Hummingbird Flight Is Like Nothing Else in the Bird World

These talented fliers can hover, whiz forward and backward, and come to a complete stop in an instant.

This audio story is brought to you by BirdNote, a partner of the National Audubon Society. BirdNote episodes air daily on public radio stations nationwide.


This is BirdNote!

We’re hearing the sound of a male Hummingbird.

When naturalist A.R. Ammons wrote, “birds are flowers flying, and flowers are perched birds,” he may have had hummingbirds in mind. Their eye-catching iridescence sparkles in the sun.

One hummingbird commonly seen west of the Rockies is the Rufous Hummingbird. East of the Rockies, you’ll see the Ruby-throat.

The hummingbird is the only bird that can truly hover. It manages this by flapping its wings 20 to 80 times a second. It can fly straight up and down. Backwards and forwards. Or upside down. And up to 75 miles an hour. But don’t worry, it won’t run into you. This bird can slow down from 25 miles an hour to a dead stop in a space no longer than your index finger.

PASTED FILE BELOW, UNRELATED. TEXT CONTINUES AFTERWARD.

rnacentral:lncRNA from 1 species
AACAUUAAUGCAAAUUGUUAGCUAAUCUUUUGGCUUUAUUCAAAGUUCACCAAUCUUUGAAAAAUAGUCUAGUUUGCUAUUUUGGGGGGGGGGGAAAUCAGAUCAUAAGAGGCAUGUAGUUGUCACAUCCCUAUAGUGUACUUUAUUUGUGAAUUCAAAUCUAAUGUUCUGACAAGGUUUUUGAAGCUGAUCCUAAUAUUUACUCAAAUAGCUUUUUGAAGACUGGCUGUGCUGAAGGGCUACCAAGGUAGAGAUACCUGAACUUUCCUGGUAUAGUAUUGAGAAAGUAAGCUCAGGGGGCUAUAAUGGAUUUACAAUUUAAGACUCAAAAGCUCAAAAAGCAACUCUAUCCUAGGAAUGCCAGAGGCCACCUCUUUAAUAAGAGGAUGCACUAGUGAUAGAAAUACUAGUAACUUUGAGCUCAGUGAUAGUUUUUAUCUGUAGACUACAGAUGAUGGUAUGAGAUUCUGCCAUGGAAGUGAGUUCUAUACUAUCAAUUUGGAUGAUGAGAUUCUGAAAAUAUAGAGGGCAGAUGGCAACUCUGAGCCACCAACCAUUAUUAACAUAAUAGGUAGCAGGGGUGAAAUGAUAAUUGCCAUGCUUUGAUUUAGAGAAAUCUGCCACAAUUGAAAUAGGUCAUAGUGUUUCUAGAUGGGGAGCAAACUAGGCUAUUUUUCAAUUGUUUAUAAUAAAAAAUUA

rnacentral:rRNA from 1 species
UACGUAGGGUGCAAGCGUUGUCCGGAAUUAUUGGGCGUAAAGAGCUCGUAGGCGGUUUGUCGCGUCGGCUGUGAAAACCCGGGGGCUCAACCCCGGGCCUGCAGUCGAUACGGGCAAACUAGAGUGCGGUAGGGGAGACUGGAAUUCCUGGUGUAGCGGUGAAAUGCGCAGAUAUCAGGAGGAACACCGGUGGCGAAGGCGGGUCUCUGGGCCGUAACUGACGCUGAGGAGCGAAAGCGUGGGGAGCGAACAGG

And even if it did collide with something, it isn’t likely to cause much damage: this mighty puffball weighs less than two dimes.

For BirdNote, I'm Michael Stein.



Adapted from a script written by Frances Wood

Producer: John Kessler

Executive Producer: Chris Peterson

Narrator: Michael Stein

Sounds of the Rufous Hummingbird provided by The Macaulay Library of Natural Sounds at the Cornell Lab of Ornithology, Ithaca, New York. “J” display and perched call recorded by G.A. Keller; wing whirring by A.A. Allen.

Ambient sound track provided by C. Peterson

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